Resentment and the feeling of being ineffective are the paths to burnout. Resentment and feeling ineffective stem from things like patient noncompliance, poor working environment, not enough time to provide quality care, poor instruments, and feeling responsible for our patient’s disease. I will stop there, but the list goes on.
Pema Chodron, an ordained monk, says we have three choices when in a difficult situation: leave it, change it, or accept it. I believe “change it” has two variations: change the other person or change me. The only real option is almost ALWAYS to change me. I have to stop to consider how I contribute to the problem and my role in the solution. This takes maturity and ownership. It sometimes hurts because the situation is not comfortable, or the ego interferes.
Change is like strength training.
If I want to pull myself up over the bar for a pull-up, I tighten my grip, squeeze my glutes, and engage my abs. The bar isn’t lowering to me. I’m going to it, but only with adjustments and effort. Sometimes that effort requires tension and growing pains, but once I pull my chin over that bar the first time…BLISS!! It’s all worth it. See what I can do! I am damn strong.
When it comes to relationships, why as humans do we get trapped in a thought process of wanting the bliss without the tension? It is like we work hard to be good at lots of things and expect people or life to rotate around us without tightening our grip or engaging our abs. At work, this can be extremely tricky because we are supposed to leave our emotions at the door. I cannot do my job without the proper instruments. When I ask my doctor for new ones, he treats me like I am his 16-year-old asking for a car. I hang my head and go back to providing subpar treatment with subpar instruments. At which door do I leave these emotions?
Acceptance with resentment is not true acceptance.
This is potentially an unpopular statement, but here goes. I struggle that my doctor is my supervisor and does not really understand what I do. I mean, he gets it but does not GET it. If he did, I would have adequate equipment and a 60-minute prophy appointment. Is this a matter of miscommunication, beliefs in an old school system, or a lack of respect for my profession? It could be any of these things, but I cannot say for sure.
So here I go, off to my op with growing resentment and feeling ineffective. Time goes by, and I’m ready to tell this place where to go. I feel like I have no power in this situation and resign myself to it. This is not the acceptance that Pema speaks of. Acceptance with resentment is not true acceptance. It’s a joy destroyer and a burnout maker.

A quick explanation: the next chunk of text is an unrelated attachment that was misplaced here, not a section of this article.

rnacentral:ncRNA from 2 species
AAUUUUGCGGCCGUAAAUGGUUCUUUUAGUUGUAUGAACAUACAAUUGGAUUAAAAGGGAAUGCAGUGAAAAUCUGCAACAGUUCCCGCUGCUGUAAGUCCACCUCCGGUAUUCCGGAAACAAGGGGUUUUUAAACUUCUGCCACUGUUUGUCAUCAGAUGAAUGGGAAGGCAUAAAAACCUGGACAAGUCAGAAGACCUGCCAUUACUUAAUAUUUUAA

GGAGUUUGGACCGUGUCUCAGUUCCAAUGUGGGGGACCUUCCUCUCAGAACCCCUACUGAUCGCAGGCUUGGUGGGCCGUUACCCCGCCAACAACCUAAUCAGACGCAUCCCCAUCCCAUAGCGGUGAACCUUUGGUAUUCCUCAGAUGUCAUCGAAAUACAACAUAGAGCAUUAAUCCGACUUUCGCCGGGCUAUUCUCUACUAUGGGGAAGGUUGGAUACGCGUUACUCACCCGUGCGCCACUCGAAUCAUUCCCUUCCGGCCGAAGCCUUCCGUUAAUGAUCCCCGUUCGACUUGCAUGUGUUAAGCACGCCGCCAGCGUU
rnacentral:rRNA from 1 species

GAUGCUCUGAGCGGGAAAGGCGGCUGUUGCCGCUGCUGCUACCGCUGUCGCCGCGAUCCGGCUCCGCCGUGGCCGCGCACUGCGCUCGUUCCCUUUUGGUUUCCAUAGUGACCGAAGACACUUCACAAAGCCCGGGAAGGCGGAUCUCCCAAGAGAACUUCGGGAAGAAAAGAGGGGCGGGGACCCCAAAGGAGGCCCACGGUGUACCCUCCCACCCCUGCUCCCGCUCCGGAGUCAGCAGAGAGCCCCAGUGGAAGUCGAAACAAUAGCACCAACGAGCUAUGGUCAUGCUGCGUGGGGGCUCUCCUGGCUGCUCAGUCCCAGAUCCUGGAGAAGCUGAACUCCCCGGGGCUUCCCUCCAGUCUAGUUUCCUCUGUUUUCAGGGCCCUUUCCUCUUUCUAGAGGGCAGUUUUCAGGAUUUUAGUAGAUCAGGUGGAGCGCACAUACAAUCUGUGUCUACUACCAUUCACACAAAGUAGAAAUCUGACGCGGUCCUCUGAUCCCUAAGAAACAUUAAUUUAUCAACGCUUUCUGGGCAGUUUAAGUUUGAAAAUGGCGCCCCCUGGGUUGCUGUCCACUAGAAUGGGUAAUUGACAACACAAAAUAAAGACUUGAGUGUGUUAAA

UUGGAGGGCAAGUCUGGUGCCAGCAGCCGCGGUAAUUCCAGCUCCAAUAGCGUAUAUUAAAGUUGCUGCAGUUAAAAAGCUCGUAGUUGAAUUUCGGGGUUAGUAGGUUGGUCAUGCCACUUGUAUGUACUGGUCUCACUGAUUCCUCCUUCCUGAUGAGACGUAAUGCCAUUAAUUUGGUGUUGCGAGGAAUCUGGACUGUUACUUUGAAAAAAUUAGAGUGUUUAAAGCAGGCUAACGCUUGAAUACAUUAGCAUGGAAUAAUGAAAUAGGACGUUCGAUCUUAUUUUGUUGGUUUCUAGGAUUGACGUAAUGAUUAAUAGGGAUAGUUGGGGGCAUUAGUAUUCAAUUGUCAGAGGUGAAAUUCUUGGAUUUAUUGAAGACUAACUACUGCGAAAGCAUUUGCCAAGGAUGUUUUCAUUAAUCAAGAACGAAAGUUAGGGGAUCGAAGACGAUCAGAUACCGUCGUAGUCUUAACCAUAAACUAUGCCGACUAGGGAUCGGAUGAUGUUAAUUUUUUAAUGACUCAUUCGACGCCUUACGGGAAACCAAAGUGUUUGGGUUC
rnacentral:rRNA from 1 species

To offer a black and white solution to this problem would be like asking me to do an involved scaling and root planning with a 204S in 30 minutes. I would need all the correct instruments to reach into the depths of the pockets and navigate the dental anatomy. I do not have a canned script or list of statements to say to your doctor to get him/her to place that order this afternoon or make adjustments that allow you to be the clinician you set out to be. The situation is complicated, with many shades of grey. The solution is dependent on the relationship you have with your doctor, office culture, and how willing you are to step outside of your comfort zone.
What I can offer are a few pearls to consider:
- How do I play a role in the culture of the practice?
- Do I devalue my profession by using minimizing words to my patients? The “little bit of inflammation” statements are powerful. How might these minimizers affect the doctor’s perception and respect for what you do?
- Have I had a real and vulnerable conversation with my doctor? Does he/she know how I really feel, or do I become the 16-year-old and angrily go back to my op?
- Consider adjusting your communication style to collaborate with the doctor. Open-ended questions and reflective statements can change your relationship with someone. Everyone has a reason for his or her behavior. Open-ended questions and reflections are a beautiful way to discover those reasons. Two of my favorite lead-ins to any question are, “Can you help me understand _____?” or “can you tell me about _____?” Try to avoid using “why” as it evokes defensiveness in many cases. A reflective statement might sound like this: “You seemed irritated with me when I ask for XYZ, can we talk about it?”
No way to check your emotions at the door
You might think that your doctor is such a jerk that he or she might laugh in your face before having such a conversation. In that case, I refer back to Pema and say leave it. Do not allow people in power to steal your joy by not being a flexible and reasonable human being. After all, many of us spend more time at the office than at home. I believe that most of our doctors genuinely care for us, but society has set our workplaces up to pretend we do not have emotions. The truth is, there is no way to check your emotions at the door. Brain science says that your emotions directly contribute to your cognitive processes. Not to mention, you are a complicated, multifaceted, and emotional human being.
The expectation of not being our real selves at work is antiquated and must be reconsidered by new generations. Now, I am not saying to be emotional around your patients. We must still engage in the emotional labor it takes to present as a well-put-together healthcare professional. I am saying that perhaps it is time to look deeper into the emotional culture of our practice.
When the feelings of resentment and ineffectiveness start to lead you down the path of burnout, recognize it, own it, evaluate the origins, have hard and meaningful conversations, and never forget your highest values.
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